Size Matters

Squeezing a wide tyre onto a narrow rim can be a big mistake. Here’s why.

Those low-profile 190-series tyres sure look gnarly on the back of a sportbike, and we’ve seen them pinched onto all sizes of rims. But in reality, a 190/50-17 fits properly only on a 152mm rim, and cramming it onto anything smaller severely changes its profile.

As an experiment, we mounted a 190-series Sports Tyre onto a 140mm rear wheel and took some measurements. Compared to the correctly sized tyre on the same rim, the 190’s profile closely matches the 180’s near the edges of the tread, but is much lower in the center area-equivalent to about a 6mm change in ride height. Effectively, the wider tyre will give more rake and trail when the bike is vertical, while keeping close to the original geometry when the bike is leaned over. Accounting for one (by changing ride height) will unduly affect the other.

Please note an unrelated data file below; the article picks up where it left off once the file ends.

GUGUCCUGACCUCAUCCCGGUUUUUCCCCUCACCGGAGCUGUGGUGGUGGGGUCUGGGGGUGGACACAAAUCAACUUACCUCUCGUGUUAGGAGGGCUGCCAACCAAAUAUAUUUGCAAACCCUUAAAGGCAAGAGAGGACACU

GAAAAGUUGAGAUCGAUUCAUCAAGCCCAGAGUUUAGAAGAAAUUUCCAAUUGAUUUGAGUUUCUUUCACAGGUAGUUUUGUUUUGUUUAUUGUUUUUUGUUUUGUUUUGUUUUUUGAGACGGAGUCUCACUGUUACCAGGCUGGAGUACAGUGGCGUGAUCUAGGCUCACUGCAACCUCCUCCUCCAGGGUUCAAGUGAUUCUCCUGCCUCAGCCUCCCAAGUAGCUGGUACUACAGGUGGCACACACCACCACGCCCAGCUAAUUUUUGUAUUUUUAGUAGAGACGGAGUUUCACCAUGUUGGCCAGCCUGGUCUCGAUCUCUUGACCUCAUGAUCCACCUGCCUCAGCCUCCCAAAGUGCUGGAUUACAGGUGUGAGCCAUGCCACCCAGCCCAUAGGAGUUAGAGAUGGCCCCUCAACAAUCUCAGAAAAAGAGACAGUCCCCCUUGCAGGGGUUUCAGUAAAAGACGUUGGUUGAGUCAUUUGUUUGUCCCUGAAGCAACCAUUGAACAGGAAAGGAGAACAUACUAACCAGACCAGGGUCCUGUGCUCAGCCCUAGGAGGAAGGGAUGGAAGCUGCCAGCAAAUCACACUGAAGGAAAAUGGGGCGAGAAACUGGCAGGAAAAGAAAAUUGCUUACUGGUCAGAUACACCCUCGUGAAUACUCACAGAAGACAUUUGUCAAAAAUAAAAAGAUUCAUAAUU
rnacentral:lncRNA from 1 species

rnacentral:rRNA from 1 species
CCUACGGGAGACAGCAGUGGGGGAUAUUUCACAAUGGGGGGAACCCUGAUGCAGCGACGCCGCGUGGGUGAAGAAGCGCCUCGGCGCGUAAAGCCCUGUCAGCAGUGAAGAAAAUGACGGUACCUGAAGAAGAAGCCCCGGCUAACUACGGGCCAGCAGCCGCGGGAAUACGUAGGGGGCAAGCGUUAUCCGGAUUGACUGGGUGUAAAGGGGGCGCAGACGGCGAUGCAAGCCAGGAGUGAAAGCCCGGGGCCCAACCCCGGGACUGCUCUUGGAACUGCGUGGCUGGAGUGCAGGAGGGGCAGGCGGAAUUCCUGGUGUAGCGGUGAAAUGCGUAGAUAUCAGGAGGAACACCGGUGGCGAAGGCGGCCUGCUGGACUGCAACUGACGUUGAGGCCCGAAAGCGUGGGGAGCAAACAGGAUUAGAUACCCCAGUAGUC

Following our test, we slipped on a 190/50 rear and rode a portion of the test loop for a practical comparison. With no changes to suspension or geometry, the bike felt substantially different with the wider tyre. With the bike straight up and down, steering was slightly sluggish in comparison, but just off vertical, the bike was quite tippy and darted into corners. The light, neutral steering of the tyre was completely changed and the bike lost its balanced feel. The sensation was very much like riding on a tyre squared off from too much highway riding. At larger lean angles, performance was also affected, while making transitions from side to side unpredictable. And, contrary to the popular myth that the wider tyre puts down a bigger footprint and gives more traction, we felt no improvement in that department from the properly sized tyre.

We’ve experienced similar changes with a 180-series tyre on a 127mm rim meant for a 170-series tyre. Tyre engineers work hard to design and match front and rear profiles for characteristics that we sometimes take for granted. Upsetting that balance is surprisingly easy and you should think twice before sacrificing your tyre’s performance for appearance’s sake.